In the canon of the famously reunited Gemini, there are some iconic, touchstone examples: the Jim twins, brothers separated as babies who went on independently, to a terrifyingly similar level build life; Oskar and Jack parted after six months, the former became a member of the Hitler Youth in Nazi Germany, the latter a Trinidadian Jew. More recently, we learned that the Colombian brothers were accidentally trafficked to the hospital nursery, so that two pairs of identical twins grew up as two apparently brotherly, unrelated couples.
Then there are the triplets Shafran / Galland / Kellman, who were once notorious owners and now the subject of an excellent new documentary, Tim Wardle Sundance's award-winning Three Identical Strangers . In 1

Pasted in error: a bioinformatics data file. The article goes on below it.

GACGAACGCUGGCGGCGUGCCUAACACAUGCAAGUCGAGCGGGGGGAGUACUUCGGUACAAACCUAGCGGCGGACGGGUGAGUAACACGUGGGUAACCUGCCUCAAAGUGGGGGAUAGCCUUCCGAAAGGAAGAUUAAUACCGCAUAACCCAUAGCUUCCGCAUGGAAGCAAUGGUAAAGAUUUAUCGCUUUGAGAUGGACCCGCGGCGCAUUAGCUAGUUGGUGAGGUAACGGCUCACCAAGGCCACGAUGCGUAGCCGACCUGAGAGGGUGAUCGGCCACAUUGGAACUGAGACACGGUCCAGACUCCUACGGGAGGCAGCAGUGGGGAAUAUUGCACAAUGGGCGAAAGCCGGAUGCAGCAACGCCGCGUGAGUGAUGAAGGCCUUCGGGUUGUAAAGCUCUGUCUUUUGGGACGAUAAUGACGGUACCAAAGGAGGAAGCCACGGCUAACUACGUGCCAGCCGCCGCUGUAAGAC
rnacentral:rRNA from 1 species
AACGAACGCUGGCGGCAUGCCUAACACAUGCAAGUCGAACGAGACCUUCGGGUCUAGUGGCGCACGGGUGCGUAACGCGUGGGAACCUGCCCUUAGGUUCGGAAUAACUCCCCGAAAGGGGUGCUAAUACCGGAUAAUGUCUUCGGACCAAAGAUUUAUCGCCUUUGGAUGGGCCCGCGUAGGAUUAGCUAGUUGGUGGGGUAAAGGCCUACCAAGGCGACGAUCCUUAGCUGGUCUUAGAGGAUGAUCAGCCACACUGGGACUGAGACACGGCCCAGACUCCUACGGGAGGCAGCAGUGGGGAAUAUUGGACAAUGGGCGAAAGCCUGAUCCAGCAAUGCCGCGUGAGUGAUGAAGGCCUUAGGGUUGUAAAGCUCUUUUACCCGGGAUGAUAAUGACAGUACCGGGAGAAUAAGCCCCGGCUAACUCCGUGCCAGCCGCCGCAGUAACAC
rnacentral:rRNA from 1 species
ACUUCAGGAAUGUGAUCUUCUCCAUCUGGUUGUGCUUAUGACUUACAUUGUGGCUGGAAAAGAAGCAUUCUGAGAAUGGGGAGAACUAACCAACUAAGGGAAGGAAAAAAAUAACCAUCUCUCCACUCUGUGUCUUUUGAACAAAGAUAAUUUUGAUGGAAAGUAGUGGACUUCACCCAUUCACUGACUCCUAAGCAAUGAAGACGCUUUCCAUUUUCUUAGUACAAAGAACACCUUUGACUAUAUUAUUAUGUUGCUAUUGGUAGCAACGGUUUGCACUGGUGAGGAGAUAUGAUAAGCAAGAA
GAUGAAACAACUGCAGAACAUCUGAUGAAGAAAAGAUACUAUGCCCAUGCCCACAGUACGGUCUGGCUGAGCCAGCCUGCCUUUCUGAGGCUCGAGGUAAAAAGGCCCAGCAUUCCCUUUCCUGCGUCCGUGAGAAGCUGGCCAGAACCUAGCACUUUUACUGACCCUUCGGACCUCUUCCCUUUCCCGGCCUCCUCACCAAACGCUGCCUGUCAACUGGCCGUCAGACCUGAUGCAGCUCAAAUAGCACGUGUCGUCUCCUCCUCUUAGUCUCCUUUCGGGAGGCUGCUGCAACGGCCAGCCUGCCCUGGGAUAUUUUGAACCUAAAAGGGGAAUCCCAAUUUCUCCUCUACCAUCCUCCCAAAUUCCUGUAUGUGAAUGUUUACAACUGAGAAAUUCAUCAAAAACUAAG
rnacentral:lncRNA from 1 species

"The three were wrestling like puppies on the ground," remembers Kellman's aunt at the boy's first meeting. "It was the most incredible thing, they belonged together." The first part of Three Identical Strangers zooms in with the same juicy, juvenile energy. The triplets were the toast of the news media of human interest. They appeared on talk shows and made their uncanny similarities known: all three smoked Marlboros; All three were high school wrestlers; All three liked older women. At Cheers and in Susan (they are the ones who looked at a very young Madonna on the streets of Soho) they shot cameos. They celebrated in the glamorous New York club scene of the 1980s, became roommates in a neglected Manhattan bachelor house, and eventually became business associates, opening a hip, cheesy restaurant called Triplets Roumanian Steak House a few blocks from the onramp to the Holland Tunnel. ("His dining room is the kind of brickwork, blond wood contemporary room where you expect free range chicken pieces in raspberry vinegar," praised The Washington Post in 1988, "but the menu is the kind of old-fashioned Eastern European series that Declared war on your arteries and massaged your soul. "